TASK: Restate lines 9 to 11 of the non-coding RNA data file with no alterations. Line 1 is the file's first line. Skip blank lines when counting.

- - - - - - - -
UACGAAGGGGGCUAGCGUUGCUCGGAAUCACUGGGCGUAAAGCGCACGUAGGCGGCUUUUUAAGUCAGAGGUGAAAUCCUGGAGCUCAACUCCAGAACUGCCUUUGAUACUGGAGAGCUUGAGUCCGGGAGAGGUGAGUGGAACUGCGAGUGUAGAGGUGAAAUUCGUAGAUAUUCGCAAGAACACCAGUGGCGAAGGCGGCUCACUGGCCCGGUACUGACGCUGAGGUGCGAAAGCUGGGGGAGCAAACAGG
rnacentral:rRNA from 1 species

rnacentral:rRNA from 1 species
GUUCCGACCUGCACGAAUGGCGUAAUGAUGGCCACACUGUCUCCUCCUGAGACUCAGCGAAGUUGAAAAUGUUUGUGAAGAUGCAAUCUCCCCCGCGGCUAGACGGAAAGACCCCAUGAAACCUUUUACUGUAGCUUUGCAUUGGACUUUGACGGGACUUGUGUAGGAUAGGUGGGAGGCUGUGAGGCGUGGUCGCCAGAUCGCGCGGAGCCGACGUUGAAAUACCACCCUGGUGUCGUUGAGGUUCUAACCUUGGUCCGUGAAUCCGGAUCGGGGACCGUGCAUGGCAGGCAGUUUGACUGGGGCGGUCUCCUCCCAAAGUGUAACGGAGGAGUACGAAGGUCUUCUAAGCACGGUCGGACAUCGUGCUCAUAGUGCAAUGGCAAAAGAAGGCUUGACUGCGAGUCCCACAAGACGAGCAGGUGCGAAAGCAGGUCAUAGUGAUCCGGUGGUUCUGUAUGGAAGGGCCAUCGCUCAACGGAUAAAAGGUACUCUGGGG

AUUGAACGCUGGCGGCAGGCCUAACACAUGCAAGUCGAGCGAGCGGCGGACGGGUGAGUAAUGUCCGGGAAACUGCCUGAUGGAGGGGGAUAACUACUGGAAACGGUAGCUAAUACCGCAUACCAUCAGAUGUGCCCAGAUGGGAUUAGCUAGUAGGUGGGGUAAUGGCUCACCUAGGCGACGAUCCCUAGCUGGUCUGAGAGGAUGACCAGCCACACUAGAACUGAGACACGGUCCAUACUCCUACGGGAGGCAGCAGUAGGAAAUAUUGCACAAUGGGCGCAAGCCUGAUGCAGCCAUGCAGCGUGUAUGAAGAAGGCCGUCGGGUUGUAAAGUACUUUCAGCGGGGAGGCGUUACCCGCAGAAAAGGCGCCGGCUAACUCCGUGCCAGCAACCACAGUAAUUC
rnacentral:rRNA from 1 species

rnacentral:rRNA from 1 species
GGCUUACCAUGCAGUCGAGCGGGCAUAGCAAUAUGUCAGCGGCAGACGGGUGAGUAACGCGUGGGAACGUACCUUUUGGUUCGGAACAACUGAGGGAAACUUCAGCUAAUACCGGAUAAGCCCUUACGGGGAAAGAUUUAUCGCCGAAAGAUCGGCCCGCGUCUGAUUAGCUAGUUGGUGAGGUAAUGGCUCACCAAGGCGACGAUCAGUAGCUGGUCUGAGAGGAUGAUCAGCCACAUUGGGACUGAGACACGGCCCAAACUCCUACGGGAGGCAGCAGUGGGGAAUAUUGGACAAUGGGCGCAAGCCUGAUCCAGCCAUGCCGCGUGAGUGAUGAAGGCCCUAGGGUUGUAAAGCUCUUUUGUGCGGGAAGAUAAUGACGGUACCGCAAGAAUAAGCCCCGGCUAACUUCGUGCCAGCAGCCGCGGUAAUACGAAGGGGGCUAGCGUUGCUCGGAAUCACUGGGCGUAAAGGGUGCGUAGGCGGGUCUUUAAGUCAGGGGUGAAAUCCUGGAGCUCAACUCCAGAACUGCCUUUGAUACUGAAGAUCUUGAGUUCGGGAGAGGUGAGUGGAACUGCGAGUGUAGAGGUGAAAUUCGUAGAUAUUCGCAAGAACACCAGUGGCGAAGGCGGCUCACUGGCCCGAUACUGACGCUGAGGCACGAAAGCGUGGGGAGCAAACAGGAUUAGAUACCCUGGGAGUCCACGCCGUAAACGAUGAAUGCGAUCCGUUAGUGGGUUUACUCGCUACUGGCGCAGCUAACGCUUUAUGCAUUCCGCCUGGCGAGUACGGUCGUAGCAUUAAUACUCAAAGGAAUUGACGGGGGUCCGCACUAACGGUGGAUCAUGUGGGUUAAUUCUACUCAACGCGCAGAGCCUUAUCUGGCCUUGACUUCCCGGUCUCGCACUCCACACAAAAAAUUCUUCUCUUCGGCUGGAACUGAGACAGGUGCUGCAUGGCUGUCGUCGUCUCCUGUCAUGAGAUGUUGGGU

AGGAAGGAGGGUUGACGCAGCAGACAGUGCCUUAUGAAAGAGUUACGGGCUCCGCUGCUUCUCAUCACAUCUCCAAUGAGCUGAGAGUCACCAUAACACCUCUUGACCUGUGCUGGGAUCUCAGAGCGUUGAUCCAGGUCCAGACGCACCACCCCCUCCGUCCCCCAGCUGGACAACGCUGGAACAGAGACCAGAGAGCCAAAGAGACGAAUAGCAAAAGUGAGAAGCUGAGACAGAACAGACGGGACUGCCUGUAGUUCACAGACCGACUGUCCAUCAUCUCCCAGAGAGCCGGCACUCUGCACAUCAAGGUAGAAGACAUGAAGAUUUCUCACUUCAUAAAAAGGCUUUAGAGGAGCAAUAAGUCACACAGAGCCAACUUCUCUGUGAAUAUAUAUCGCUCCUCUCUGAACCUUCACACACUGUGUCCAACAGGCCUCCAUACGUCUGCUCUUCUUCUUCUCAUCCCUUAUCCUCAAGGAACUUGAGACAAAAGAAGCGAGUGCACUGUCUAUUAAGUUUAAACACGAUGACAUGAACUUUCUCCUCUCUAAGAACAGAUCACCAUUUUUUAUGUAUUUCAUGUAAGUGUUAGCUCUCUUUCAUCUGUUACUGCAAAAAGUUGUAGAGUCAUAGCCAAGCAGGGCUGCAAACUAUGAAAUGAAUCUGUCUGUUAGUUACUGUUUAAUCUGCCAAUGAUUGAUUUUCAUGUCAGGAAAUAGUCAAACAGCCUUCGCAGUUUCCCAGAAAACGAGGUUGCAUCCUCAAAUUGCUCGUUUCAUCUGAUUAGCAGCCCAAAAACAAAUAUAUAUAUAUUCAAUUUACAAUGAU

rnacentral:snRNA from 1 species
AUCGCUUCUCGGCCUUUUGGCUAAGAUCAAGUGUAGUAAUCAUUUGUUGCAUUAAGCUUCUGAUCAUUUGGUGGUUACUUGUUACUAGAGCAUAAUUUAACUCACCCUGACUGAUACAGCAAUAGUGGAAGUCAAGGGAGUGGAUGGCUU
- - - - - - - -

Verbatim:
AGGAAGGAGGGUUGACGCAGCAGACAGUGCCUUAUGAAAGAGUUACGGGCUCCGCUGCUUCUCAUCACAUCUCCAAUGAGCUGAGAGUCACCAUAACACCUCUUGACCUGUGCUGGGAUCUCAGAGCGUUGAUCCAGGUCCAGACGCACCACCCCCUCCGUCCCCCAGCUGGACAACGCUGGAACAGAGACCAGAGAGCCAAAGAGACGAAUAGCAAAAGUGAGAAGCUGAGACAGAACAGACGGGACUGCCUGUAGUUCACAGACCGACUGUCCAUCAUCUCCCAGAGAGCCGGCACUCUGCACAUCAAGGUAGAAGACAUGAAGAUUUCUCACUUCAUAAAAAGGCUUUAGAGGAGCAAUAAGUCACACAGAGCCAACUUCUCUGUGAAUAUAUAUCGCUCCUCUCUGAACCUUCACACACUGUGUCCAACAGGCCUCCAUACGUCUGCUCUUCUUCUUCUCAUCCCUUAUCCUCAAGGAACUUGAGACAAAAGAAGCGAGUGCACUGUCUAUUAAGUUUAAACACGAUGACAUGAACUUUCUCCUCUCUAAGAACAGAUCACCAUUUUUUAUGUAUUUCAUGUAAGUGUUAGCUCUCUUUCAUCUGUUACUGCAAAAAGUUGUAGAGUCAUAGCCAAGCAGGGCUGCAAACUAUGAAAUGAAUCUGUCUGUUAGUUACUGUUUAAUCUGCCAAUGAUUGAUUUUCAUGUCAGGAAAUAGUCAAACAGCCUUCGCAGUUUCCCAGAAAACGAGGUUGCAUCCUCAAAUUGCUCGUUUCAUCUGAUUAGCAGCCCAAAAACAAAUAUAUAUAUAUUCAAUUUACAAUGAU

rnacentral:snRNA from 1 species
AUCGCUUCUCGGCCUUUUGGCUAAGAUCAAGUGUAGUAAUCAUUUGUUGCAUUAAGCUUCUGAUCAUUUGGUGGUUACUUGUUACUAGAGCAUAAUUUAACUCACCCUGACUGAUACAGCAAUAGUGGAAGUCAAGGGAGUGGAUGGCUU